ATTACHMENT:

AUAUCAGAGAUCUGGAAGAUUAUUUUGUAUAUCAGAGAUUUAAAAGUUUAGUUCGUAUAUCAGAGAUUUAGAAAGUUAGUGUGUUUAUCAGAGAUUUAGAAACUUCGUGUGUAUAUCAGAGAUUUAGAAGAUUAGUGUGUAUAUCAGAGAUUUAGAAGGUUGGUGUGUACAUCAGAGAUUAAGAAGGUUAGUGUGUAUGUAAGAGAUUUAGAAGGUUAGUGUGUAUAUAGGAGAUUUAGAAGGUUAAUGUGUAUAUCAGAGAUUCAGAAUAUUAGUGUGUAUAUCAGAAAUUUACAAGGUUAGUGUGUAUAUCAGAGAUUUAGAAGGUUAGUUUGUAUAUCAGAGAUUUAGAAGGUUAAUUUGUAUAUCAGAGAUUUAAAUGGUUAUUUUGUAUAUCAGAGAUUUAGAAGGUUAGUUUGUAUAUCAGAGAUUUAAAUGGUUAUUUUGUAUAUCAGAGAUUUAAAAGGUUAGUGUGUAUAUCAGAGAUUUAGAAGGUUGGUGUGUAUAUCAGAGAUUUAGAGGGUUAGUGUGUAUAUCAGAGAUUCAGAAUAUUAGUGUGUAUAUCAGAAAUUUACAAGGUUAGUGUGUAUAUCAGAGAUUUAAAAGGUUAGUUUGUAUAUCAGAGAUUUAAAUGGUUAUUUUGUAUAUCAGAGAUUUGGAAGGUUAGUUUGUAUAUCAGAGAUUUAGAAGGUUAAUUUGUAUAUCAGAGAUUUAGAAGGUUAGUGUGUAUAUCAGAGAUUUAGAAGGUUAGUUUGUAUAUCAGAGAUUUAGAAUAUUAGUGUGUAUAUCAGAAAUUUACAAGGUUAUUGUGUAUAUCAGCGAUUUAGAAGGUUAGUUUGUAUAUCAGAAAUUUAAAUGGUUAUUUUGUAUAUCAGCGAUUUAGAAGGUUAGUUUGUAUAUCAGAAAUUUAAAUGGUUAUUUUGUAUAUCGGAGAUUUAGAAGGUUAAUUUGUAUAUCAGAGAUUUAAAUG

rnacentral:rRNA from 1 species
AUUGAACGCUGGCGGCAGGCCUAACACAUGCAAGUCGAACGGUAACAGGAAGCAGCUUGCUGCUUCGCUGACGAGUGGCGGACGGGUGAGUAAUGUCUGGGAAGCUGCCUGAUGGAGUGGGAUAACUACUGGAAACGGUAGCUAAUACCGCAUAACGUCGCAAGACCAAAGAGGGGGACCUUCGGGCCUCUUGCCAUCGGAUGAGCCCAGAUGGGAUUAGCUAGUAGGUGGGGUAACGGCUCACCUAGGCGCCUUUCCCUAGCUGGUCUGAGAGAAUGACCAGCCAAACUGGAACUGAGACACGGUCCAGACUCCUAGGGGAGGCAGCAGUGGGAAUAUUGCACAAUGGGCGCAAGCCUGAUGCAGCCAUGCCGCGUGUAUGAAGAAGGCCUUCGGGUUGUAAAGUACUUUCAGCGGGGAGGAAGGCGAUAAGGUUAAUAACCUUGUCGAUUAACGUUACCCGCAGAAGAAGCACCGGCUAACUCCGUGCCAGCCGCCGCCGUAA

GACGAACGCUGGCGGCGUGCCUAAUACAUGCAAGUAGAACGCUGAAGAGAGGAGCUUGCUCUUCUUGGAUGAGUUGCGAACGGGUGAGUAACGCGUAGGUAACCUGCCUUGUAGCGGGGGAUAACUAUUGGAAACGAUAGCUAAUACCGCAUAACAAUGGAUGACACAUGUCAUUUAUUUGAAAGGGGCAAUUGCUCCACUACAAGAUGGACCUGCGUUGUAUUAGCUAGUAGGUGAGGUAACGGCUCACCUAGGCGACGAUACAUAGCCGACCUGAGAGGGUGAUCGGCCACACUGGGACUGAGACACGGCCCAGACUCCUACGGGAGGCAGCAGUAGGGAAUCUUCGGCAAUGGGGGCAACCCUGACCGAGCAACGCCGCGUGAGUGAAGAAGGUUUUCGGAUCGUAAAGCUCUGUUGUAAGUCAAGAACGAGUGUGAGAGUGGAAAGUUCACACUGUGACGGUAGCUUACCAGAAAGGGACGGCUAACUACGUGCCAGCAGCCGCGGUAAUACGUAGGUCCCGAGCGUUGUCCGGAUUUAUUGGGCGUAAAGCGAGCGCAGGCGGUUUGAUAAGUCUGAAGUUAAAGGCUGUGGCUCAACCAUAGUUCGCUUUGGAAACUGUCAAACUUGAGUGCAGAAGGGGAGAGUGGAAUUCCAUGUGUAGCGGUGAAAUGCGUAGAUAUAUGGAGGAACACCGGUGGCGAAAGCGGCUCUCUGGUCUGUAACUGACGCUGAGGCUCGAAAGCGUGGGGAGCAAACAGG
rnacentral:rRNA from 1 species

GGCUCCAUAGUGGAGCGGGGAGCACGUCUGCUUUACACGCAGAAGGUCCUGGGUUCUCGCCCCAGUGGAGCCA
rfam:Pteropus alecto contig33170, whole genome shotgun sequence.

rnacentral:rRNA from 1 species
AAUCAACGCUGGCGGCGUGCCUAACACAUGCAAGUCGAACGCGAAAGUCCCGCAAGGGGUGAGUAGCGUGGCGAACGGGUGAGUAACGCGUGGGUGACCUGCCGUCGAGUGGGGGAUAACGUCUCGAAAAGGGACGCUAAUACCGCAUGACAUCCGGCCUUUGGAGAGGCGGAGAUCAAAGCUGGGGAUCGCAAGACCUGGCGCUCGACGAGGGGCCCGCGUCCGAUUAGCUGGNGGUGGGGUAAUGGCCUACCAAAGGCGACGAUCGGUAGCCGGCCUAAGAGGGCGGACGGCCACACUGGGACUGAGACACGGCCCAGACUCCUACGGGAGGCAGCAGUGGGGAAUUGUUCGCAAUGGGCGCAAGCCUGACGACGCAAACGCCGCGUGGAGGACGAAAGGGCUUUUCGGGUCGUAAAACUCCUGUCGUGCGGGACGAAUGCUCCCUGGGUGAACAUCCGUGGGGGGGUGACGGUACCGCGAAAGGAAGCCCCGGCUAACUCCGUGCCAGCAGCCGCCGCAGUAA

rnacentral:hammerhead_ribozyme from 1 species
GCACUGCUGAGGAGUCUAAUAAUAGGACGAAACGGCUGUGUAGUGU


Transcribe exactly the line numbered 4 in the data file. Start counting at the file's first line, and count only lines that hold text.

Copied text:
GACGAACGCUGGCGGCGUGCCUAAUACAUGCAAGUAGAACGCUGAAGAGAGGAGCUUGCUCUUCUUGGAUGAGUUGCGAACGGGUGAGUAACGCGUAGGUAACCUGCCUUGUAGCGGGGGAUAACUAUUGGAAACGAUAGCUAAUACCGCAUAACAAUGGAUGACACAUGUCAUUUAUUUGAAAGGGGCAAUUGCUCCACUACAAGAUGGACCUGCGUUGUAUUAGCUAGUAGGUGAGGUAACGGCUCACCUAGGCGACGAUACAUAGCCGACCUGAGAGGGUGAUCGGCCACACUGGGACUGAGACACGGCCCAGACUCCUACGGGAGGCAGCAGUAGGGAAUCUUCGGCAAUGGGGGCAACCCUGACCGAGCAACGCCGCGUGAGUGAAGAAGGUUUUCGGAUCGUAAAGCUCUGUUGUAAGUCAAGAACGAGUGUGAGAGUGGAAAGUUCACACUGUGACGGUAGCUUACCAGAAAGGGACGGCUAACUACGUGCCAGCAGCCGCGGUAAUACGUAGGUCCCGAGCGUUGUCCGGAUUUAUUGGGCGUAAAGCGAGCGCAGGCGGUUUGAUAAGUCUGAAGUUAAAGGCUGUGGCUCAACCAUAGUUCGCUUUGGAAACUGUCAAACUUGAGUGCAGAAGGGGAGAGUGGAAUUCCAUGUGUAGCGGUGAAAUGCGUAGAUAUAUGGAGGAACACCGGUGGCGAAAGCGGCUCUCUGGUCUGUAACUGACGCUGAGGCUCGAAAGCGUGGGGAGCAAACAGG